Legends also tell of people being turned into werewolves by a curse or an accident. Each night they were doomed to become wolves each night in search of human blood, and they often welcomed death when it came. In the middle ages Lycanthropy was also a recognised illness, although it is extremely rare, it causes the victim or sufferer to think that they can turn into werewolves, and though they do not, they do go around acting like one, and can sometimes murder people and eat there flesh.
Back then, in the middle ages, people believed that you could become a werewolf in a number of ways, they thought it could be done during the full moon, although this was usually against the persons will.
Some people actually wanted to turn into a wolf and they used magic to make it happen.
One Russian legend, had that it was necessary for people to have jump over a fallen tree in the forest, then stab it with a small copper knife, while chanting a spell. Other legends said that if you drank the water that collected in a wolfs paw print, or eating the brains of an animal killed by a wolf, you were sure to change into a wolf. But in many parts of Europe, there were legends of other magical acts that the person who wanted to become a werewolf could do to become one.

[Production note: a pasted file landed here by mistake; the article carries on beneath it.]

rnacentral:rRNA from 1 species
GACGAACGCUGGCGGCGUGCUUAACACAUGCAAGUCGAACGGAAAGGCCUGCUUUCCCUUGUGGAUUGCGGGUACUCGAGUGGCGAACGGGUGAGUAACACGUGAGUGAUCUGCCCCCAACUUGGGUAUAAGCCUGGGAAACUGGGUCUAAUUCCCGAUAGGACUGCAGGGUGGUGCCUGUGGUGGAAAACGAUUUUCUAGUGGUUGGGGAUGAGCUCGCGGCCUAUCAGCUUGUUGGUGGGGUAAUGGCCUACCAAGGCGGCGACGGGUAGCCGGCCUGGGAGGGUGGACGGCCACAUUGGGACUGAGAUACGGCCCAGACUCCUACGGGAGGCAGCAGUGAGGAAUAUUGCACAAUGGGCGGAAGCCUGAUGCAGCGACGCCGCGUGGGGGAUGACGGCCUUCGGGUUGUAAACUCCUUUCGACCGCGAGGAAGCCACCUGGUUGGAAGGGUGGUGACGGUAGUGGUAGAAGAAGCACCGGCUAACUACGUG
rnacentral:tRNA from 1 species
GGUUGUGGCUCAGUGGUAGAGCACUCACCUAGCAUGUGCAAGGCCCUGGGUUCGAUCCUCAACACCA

One such example of a ritual included, the making of the ointment into a pot when the moon was full, into the pot wolfsbane was added, as well as opium, foxgloves, bat blood and the fat of a murdered child, tis was then boiled down. The person wanting to be a wolf then rubbed it into his skin while chanting spells, he then put on a wolfskin pelt, the man then changed into a wolf each night, and back into a man each morning. The spell could only be broken if the man was stabbed three times in the head. Or death.